Even though she claimed to be frightened of her boyfriend after he’s abusive behaviours towards her that night. She still was willing to sleep on the same bed and stay in the same hotel room as him throughout their holiday period in Thailand. When they had to change hotels in Thailand they still slept on the same bed and was in the same hotel room. One night he came back very drunk and this made his girlfriend very mad. She was already in bed sleeping and because he was so drunk and was making so much noise she woke up. When he wanted to go under the sheets and sleep on the same bed with her, she did not want that. They started arguing again and she pushed him to the door and told him to get out. She even threw his luggage and belongings out at the hotel corridor. At this point they were just screaming at each other hurling vulgarities once again. Angered, her boyfriend picked up his things and left as what his girlfriend wanted.

Even though the girl was terrified and fearful of her boyfriend after his abusive behaviours, she still tried contacting him and wanting to meet him before she left to go back to Sydney. She messaged him saying that she wanted to see him and they should speak calmly before she left. When she saw him at the hotel stairs, she even chased after him trying to speak to him. But her boyfriend refused to speak to her and just walked away. Before she left Thailand, she even messaged him saying that she will see him in Sydney. But why would you still want to see someone that abused you and you are terrified of?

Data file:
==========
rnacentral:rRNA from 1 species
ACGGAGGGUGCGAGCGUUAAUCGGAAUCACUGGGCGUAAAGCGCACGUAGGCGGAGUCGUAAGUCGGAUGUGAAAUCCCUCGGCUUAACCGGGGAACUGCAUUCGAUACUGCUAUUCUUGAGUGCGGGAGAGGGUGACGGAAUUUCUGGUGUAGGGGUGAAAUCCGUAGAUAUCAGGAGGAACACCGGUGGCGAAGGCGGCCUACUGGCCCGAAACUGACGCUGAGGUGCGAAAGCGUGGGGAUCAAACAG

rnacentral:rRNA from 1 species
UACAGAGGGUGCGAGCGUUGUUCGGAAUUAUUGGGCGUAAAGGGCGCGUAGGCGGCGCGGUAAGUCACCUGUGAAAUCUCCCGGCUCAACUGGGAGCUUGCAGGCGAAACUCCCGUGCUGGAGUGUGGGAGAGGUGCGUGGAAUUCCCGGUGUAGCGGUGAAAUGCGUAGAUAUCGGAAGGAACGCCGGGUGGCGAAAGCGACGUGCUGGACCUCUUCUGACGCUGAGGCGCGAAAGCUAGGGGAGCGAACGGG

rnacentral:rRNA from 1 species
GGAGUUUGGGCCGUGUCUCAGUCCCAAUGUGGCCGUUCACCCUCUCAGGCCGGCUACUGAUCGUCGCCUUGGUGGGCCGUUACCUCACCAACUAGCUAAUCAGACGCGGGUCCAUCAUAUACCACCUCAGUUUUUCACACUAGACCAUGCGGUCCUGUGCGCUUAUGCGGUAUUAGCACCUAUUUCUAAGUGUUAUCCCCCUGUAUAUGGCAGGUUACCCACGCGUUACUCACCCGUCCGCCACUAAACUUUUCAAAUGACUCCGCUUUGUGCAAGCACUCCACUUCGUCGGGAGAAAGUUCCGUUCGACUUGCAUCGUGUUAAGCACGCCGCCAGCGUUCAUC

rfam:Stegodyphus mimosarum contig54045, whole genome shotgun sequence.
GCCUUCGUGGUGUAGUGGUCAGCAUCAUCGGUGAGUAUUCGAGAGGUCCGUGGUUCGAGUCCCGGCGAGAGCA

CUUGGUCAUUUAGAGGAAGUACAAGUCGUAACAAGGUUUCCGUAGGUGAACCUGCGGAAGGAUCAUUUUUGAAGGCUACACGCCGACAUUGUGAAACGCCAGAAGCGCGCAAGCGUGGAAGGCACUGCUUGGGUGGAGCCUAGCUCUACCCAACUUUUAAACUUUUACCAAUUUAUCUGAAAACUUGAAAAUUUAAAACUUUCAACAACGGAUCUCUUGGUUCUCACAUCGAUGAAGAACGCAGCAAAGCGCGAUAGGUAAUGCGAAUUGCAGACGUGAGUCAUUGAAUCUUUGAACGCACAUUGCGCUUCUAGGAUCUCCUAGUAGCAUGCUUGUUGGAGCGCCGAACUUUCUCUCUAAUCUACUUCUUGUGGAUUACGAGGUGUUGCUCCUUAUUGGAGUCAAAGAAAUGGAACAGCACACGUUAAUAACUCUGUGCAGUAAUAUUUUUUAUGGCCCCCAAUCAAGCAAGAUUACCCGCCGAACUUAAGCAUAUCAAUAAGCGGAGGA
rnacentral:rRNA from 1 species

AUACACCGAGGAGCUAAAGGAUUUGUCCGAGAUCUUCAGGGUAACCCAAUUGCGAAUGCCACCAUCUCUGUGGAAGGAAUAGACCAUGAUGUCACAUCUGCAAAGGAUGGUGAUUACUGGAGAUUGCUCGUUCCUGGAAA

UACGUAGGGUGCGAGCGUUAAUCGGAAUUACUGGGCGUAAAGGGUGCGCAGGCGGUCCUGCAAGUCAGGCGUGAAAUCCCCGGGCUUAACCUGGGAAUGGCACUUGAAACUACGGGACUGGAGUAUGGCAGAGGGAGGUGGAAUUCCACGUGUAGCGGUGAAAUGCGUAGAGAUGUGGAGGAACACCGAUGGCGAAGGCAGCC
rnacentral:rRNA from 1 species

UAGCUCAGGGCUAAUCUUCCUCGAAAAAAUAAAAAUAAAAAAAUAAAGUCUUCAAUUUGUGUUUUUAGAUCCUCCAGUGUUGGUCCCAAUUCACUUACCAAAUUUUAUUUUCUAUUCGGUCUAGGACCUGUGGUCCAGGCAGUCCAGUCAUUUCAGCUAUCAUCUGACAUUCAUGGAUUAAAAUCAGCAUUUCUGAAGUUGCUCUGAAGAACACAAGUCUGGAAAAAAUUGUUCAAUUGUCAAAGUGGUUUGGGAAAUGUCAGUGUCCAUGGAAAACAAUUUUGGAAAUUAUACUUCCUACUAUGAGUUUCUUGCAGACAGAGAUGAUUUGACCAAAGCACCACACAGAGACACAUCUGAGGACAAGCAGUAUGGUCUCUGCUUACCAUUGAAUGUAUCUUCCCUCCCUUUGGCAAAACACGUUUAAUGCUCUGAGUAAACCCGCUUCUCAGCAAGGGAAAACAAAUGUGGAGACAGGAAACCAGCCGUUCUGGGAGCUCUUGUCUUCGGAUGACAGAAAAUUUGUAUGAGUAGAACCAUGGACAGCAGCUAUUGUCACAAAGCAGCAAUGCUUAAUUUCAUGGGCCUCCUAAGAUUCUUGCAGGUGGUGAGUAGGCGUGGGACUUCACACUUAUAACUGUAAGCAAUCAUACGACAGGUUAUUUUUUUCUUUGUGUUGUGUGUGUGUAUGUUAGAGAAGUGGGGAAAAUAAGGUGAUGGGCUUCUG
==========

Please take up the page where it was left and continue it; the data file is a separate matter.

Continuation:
The defendant’s (boyfriend) lawyer used evidences that he found on her facebook against her point that she was in a state of terror and fear after the abuse in Thailand. He found pictures of her partying in a club after she returned from Thailand and a intimate picture of her with a man on her facebook. She also had a facebook post that stated that she was feeling amused one day. He even found evidence of her being active on her tinder account ( dating app) posting new photos of herself. He felt very suspicious, as it did not seem to him that all her actions after the Thailand trip was something a terrified person would do. One more evidence he used against her was also the fact that she did not made a police report and made an AVO application immediately right after she came back to Sydney and did so only 5 days later. She had  even invited a male guy friend over to stay with her in the apartment because she was scared and wanted to feel safe.  She made a second police report after she came back one day, after she saw her apartment door wide open, and removalists taking away the furniture and her boyfriend’s belongings. According to her, she was in a state of shock as her boyfriend did not inform her that removalists would be here to take his things. The defendant’s lawyer reason for his client acting in this matter because he was the one that provided the full bond for the apartment and paid for most of the furniture in the apartment and this a apartment both of them stayed in together so he had the rights to come back any time. Plus because she changed he lock and had applied for an AVO against him, he was not allowed to be near her hence he asked removalists to get into his house and collect his belongings. The defendant’s lawyer also pointed out how the girlfriend left the apartment in a filthy state, causing his client to lose a large proportion of the bond. But she insisted that it was the removalists that made the mess and it was not her fault at all.